Drinking Pig Worms to Fight Crohn's Disease

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Pig Whipworms Don't Make Us Sick

One advantage of pig whipworms is that they don't cause disease in humans. Weinstock emphasizes that this parasite doesn't migrate outside your gut, can't reproduce in humans and dies off after two months. People who have pig whipworms can't spread them to others, and there are several medications that can be used to rid the body of whipworms, Weinstock said.

According to Weinstock, there have been no major side effects or complications of pig whipworm treatment reported in studies on Crohn's patients. One study on whipworm treatment in those with hayfever documented mild side effects (gas, diarrhea and cramping) that were usually resolved after two weeks. According to Dr. P'ng Loke, an assistant professor in the department of microbiology at New York University, citing the studies available so far, "pig whipworms look to be extremely safe for the time being."

Worm Cocktails – Don't Try This Alone

Stories of other patients with autoimmune diseases, like Smith, who are deliberately infecting themselves with worms have surfaced. Dr. Weinstock cautions that patients shouldn't treat themselves with worms. He encourages Crohn's patients to remain on standard, proven treatments and to talk to their physicians.

Smith noted that he kept his physician informed about his parasite experiments. One reason, he said, is that "I didn't want him to do a colonoscopy and be horrified." Smith has posted endoscopic photos of his intestinal worms on his Facebook page.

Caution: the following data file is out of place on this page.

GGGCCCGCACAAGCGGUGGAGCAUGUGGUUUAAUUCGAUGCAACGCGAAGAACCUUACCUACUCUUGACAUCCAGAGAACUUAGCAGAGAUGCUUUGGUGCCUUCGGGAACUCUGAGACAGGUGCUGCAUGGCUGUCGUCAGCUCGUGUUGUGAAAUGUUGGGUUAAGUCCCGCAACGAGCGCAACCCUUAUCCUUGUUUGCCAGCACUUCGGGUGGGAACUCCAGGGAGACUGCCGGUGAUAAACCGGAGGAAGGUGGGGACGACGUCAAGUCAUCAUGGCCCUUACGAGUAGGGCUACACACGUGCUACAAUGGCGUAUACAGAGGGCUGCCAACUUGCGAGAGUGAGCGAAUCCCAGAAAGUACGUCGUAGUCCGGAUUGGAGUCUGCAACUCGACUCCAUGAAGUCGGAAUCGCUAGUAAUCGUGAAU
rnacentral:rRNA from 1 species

For patients who want to explore whipworm therapy, Weinstock encourages patients to talk to their doctors about enrolling in clinical studies. Other pig whipworm clinical trials are planned or under way for more autoimmune diseases, including; ulcerative colitis (an inflammatory bowel disease), multiple sclerosis (an autoimmune disorder that affects the brain and spinal cord), psoriasis (an autoimmune skin disorder) and rype 1 diabetes.

Smith has declined to participate.

"In clinical trials, you don't know what you're taking because you have a 50 percent chance of being in the placebo group," he said.

After quitting the pig whipworm treatment, Smith started using human parasitic worms he obtains from outside of the United States -- a move that would almost certainly be frowned upon by the medical community at large, as these types of parasites can harm people. This practice is legal as long as he does it in the privacy of his own home, said a Food and Drug Administration spokesperson.

Heather Gelabert, a 32 year-old Florida homemaker, was forced to drop out of college because her Crohn's disease proved so difficult to treat. She was initially taken aback when her physician described pig whipworm treatment but after a long discussion, she decided to enroll in a clinical trial.

For Gelabert, the promise of this upcoming clinical trial for Crohn's patients brings new optimism. "I am excited and very hopeful," she said with enthusiasm. "I'd like to start now!"

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